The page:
The FAIR Institute’s “How Material Is That Hack?” website leverages the FAIR standard for estimating loss magnitude from a cybersecurity incident and is aligned to the SEC requirements for reporting Materiality on Form 8-K. As such, all financial output for a hack follows a strict taxonomy of loss categories and definitions of terms used. This blog is an ongoing source of clarification of this taxonomy and its definitions.
Erica Eager is Sr. Director - CRQ at Safe Security, Technical Advisor to the FAIR Institute
Primary vs. Secondary Loss
According to FAIR, all losses are classified as either Primary or Secondary.
Primary losses materialize for primary stakeholders directly as a result of a cyber incident. In order for a loss to be considered primary, it has to be unrelated to secondary stakeholder reactions. Examples of primary loss include:
- Lost gross profit margin from operational outages
- Incremental operating costs from workarounds due to operational outages
- Response costs associated with the restoration of functionality performed by third party service providers
- Record holder response costs such as breached record discovery cost and breach notification or call centers
Secondary losses are dependent on decisions made by third parties in connection with a cyber incident.The primary stakeholder is not in control of those decisions. Examples of secondary losses include:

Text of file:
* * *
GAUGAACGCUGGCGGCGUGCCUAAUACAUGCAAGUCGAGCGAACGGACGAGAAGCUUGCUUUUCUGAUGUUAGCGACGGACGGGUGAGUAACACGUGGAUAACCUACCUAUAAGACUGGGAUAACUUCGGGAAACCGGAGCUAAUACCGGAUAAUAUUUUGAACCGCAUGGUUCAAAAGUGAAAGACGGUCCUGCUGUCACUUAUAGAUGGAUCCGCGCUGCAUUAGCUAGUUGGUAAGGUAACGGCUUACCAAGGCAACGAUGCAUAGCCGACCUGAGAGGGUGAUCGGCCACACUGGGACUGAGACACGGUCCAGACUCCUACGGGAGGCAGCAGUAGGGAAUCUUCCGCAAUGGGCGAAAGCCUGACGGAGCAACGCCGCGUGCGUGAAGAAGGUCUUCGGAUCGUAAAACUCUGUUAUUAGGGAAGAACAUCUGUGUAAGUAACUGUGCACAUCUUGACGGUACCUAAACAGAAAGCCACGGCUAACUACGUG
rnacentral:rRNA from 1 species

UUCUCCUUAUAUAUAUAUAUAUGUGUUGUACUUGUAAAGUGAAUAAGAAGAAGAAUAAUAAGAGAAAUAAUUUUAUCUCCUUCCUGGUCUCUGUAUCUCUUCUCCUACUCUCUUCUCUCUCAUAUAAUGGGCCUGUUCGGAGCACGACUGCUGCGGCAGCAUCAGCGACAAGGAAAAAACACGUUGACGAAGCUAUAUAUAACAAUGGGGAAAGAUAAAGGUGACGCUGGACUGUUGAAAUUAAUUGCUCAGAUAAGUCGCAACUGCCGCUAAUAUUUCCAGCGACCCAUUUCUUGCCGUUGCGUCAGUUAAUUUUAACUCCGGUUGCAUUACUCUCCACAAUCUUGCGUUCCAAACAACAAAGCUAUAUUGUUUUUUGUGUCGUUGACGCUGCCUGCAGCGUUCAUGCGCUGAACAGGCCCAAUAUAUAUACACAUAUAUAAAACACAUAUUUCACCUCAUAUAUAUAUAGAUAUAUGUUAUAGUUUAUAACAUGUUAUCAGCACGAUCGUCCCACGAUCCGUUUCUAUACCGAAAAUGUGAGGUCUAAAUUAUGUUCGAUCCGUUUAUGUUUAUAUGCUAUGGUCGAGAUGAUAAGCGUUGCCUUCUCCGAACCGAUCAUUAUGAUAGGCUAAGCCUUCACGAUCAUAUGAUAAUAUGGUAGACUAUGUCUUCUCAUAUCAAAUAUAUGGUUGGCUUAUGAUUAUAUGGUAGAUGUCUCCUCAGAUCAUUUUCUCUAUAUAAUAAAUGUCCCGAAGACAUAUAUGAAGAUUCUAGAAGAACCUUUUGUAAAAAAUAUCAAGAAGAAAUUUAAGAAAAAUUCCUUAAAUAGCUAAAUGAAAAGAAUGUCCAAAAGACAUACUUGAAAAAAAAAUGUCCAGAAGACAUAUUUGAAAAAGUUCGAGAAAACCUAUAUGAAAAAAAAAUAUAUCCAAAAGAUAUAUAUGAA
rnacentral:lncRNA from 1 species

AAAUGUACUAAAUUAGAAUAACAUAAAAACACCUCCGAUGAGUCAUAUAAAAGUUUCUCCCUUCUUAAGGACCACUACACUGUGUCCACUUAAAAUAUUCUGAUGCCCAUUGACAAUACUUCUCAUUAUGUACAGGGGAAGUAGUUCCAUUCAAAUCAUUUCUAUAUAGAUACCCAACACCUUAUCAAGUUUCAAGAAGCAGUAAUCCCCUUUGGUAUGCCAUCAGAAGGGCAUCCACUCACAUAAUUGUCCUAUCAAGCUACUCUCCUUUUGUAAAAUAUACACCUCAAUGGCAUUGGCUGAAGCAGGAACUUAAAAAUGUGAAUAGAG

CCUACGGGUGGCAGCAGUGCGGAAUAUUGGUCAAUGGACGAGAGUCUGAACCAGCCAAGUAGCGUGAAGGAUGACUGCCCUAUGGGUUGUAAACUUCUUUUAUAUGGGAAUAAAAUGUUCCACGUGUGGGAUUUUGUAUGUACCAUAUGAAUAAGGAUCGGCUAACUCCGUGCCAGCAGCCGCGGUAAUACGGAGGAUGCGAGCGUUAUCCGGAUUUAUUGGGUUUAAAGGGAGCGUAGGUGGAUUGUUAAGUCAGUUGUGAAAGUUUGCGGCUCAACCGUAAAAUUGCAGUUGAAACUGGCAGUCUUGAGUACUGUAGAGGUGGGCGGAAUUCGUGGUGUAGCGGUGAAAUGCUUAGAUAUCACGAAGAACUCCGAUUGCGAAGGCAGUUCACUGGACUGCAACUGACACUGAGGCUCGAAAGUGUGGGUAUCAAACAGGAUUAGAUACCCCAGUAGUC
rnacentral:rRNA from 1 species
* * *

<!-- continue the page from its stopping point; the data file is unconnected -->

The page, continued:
- Financial penalties and/or mandatory cybersecurity improvement orders imposed by regulatory authorities
- Legal settlements related to the cyber incident, whether they are class action suits or not
- Reputational damage such as:
>>Loss of future net revenue to the company from a reduced customer retention rate post-breach or a competitive disadvantage due to the theft of IP & trade secrets
>>A higher cost of future capital due to a reduced credit rating
>>Higher cybersecurity premiums and/or reduced coverage
Quantitative vs. Qualitative
The SEC regulations state that both Quantitative and Qualitative Materiality factors must be considered when assessing the material impact of a cyber incident.
One should note, however, that if Qualitative factors materialize, they then become Quantitative factors. For example, sensitive personal data is exfiltrated as part of a cyber incident. Therefore, the possibility of a lawsuit settlement is accounted for as a risked Qualitative loss factor. Soon after the incident, a class action lawsuit related to the breach of sensitive personal data is filed. The risked loss – Qualitative loss factor – of a lawsuit settlement increased since the likelihood of experiencing this loss increased. Eventually, the parties agree to settle. Again, the lawsuit settlement Qualitative loss factor increases. As losses related to that settlement are finalized, they become Quantitative loss factors.
Quantitative factors are Primary Losses and have been referenced by the SEC in the past as follows, “Quantitative materiality assessments often are made by comparing adjustments to revenues, gross profit, pretax and net income, total assets, stockholders' equity, or individual line items in the financial statements.”